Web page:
Sunday, September 30, 2012

Pumpkin Scones with Do-it-Yourself Cinnamon Chips

Ahh, yes, cinnamon chips. They were one of those newish ingredients I was loathe to try when they first appeared in the grocery store a couple of years ago, because they just sounded too fake to me. I envisioned little waxy textured, synthetically-flavored dots of hardened goo. It wasn't hard to tamp down what was a very moderate curiosity to begin with. I passed them by in the market week after week. No backward glance. Something--I knew not what--would have to legitimize cinnamon chips before I would trade cold hard cash to procure them.

And then, about a year and a half ago, I discovered King Arthur Flour's mini-cinnamon chips--better in quality than what I'd seen at the grocery store, no doubt. I bought a small bag, tested them out in a recipe, and found they were actually pretty darn good. So good, in fact, that I was miffed to realize I was completely out of them when I began assembling my ingredients to make these pumpkin scones the other day.  Not a single King Arthur cinnamon chip to be found on the premises. My choices? Use something besides cinnamon chips in the scones (mini chocolate chips? chopped candied ginger? chopped pecans or walnuts? raisins?); leave them plain (still good, but boring); or take a stab at making my own quick-and-easy chips at home. I picked the Do-It-Yourself option.

I had a sizable chunk of Callebaut white chocolate on hand, so I cut off a modest wedge, melted it slowly and carefully in the microwave, mixed in a scant teaspoon of ground cinnamon, spread the mixture thinly onto a piece of plastic wrap, sprinkled more cinnamon over that, laid another piece of plastic wrap over that, and slid it into the freezer for less than five minutes. Once rigid as a board, I broke the cinnamon-chips-to-be into a zillion tiny pieces, added them into my scone batter, and voila! Homemade cinnamon chips in homemade pumpkin scones. Sensational.

What, I ask you, is autumn without a nice warm batch of pumpkin scones cooling on the kitchen table? I dare not think.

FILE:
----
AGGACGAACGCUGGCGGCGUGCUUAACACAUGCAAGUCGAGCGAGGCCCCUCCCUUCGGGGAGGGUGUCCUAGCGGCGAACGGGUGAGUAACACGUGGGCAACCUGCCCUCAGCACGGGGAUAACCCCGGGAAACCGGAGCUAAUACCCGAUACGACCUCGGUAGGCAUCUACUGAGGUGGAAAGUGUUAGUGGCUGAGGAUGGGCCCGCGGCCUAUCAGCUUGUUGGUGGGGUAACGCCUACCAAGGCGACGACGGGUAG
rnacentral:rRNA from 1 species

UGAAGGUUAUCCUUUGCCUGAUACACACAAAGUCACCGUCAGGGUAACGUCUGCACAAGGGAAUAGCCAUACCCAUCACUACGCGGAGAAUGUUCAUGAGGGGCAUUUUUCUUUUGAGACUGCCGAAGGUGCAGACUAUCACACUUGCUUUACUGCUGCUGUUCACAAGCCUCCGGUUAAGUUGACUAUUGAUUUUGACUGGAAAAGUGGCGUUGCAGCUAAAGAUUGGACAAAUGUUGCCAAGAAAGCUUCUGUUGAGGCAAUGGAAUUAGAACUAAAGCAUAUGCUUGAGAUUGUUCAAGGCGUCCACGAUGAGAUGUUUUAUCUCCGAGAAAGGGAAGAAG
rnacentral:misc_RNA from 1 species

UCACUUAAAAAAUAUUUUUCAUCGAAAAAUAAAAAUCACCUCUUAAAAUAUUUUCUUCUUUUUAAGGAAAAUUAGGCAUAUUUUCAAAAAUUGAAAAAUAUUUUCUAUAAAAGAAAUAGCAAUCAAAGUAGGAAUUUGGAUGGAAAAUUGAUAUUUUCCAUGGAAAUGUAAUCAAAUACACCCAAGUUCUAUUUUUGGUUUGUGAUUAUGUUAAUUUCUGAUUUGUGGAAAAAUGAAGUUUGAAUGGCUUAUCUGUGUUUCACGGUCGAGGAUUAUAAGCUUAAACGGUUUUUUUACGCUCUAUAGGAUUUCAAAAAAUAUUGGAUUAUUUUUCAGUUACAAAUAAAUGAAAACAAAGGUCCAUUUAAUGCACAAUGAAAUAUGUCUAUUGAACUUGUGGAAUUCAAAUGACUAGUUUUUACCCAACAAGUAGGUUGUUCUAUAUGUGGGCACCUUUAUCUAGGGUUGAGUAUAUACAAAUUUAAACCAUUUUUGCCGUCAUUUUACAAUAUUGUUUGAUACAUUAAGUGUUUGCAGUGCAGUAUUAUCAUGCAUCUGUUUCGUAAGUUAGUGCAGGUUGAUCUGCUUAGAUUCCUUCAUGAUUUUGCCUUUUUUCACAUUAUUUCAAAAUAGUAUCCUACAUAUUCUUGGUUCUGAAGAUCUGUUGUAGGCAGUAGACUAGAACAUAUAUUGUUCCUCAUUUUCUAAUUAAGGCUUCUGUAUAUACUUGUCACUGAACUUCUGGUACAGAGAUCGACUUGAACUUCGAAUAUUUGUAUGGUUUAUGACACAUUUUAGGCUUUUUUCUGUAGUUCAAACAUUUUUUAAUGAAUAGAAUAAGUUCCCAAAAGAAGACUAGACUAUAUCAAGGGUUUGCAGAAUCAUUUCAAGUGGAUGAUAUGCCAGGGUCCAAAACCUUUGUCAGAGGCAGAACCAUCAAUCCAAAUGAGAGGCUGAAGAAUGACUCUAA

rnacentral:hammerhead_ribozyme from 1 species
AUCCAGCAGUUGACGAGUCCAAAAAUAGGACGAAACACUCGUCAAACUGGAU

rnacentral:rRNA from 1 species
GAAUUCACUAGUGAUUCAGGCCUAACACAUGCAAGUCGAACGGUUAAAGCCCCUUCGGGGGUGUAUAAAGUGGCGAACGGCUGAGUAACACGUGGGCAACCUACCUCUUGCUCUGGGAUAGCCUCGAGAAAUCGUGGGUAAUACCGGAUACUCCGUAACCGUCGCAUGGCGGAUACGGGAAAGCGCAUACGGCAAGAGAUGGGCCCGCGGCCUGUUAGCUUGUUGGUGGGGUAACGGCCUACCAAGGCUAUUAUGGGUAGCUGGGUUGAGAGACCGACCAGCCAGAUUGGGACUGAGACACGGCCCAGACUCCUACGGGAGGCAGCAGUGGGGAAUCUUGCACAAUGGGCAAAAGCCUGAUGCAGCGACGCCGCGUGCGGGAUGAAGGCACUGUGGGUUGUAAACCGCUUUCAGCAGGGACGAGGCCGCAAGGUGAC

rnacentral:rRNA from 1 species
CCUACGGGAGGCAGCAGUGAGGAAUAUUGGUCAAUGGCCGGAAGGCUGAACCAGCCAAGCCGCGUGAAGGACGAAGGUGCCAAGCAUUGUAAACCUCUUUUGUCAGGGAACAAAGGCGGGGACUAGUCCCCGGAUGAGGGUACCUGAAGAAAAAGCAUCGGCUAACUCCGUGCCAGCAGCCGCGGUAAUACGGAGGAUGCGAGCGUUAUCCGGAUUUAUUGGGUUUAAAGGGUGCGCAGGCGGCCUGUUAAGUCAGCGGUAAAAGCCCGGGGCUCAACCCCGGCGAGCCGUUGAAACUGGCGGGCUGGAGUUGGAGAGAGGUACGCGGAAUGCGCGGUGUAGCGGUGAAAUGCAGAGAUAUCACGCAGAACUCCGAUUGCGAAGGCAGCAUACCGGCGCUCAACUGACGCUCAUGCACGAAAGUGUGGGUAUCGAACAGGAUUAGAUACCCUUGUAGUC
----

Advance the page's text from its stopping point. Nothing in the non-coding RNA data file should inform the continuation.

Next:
About this recipe . . . 

Adapted from a King Arthur recipe aptly titled Harvest Pumpkin Scones, I made only a couple of small changes to the formula. I used a little more pumpkin than called for, along with a smidgen of 1/2 and 1/2; my dough, otherwise, would have been extremely dry. I also reduced the amount of allspice by half. I used homemade cinnamon chips, and I reworded the recipe to reflect my actual steps.

Pumpkin Scones with Do-it-Yourself Cinnamon Chips

(For a printable version of this recipe, click here!)

Yield: 8 large scones.

No mixer needed for this recipe (yay!).

Ingredients for the homemade cinnamon chips:

3 oz. of good quality white chocolate, or white chocolate chips
1 teaspoon ground cinnamon
1/2 teaspoon ground cinnamon

Ingredients for the scone dough:

2 and 3/4 cups unbleached all-purpose flour
1/3 cup granulated sugar
1 tablespoon baking powder
3/4 teaspoon fine sea salt
3/4 teaspoon ground cinnamon
1/4 teaspoon ground ginger
1/4 teaspoon ground nutmeg (I use fresh grated, and buy the whole nutmeg at a Penzey's spice store.)
1/8 teaspoon allspice
1/2 cup (1 stick) cold butter, cut into 1/2 inch chunks
3/4 cup canned pumpkin
1 tablespoon 1/2 &1/2 (or use milk)
2 eggs, large

A few tablespoons coarse white sugar (aka sanding sugar) to sprinkle on the scones before baking
2 tablespoons of 1/2 &1/2 or milk

To make the cinnamon chips:

Melt the white chocolate slowly and carefully in your microwave, or melt it in a small bowl set over a pan of simmering water on the stove. If you do it on the stove, be sure no water at all gets into the bowl with the white chocolate. Stir the 1 teaspoon of cinnamon into the melted white chocolate thoroughly. Spread out a small sheet of plastic wrap on a flat surface. While the chocolate is still very warm, spread it out thinly on the plastic wrap using a spatula or bowl scraper. Sprinkle the 1/2 teaspoon of cinnamon over that. Cover it with another sheet of plastic wrap. Put it in the freezer for five minutes. Take it out when it's stiff as a board. Break it up into mini-chip-size pieces.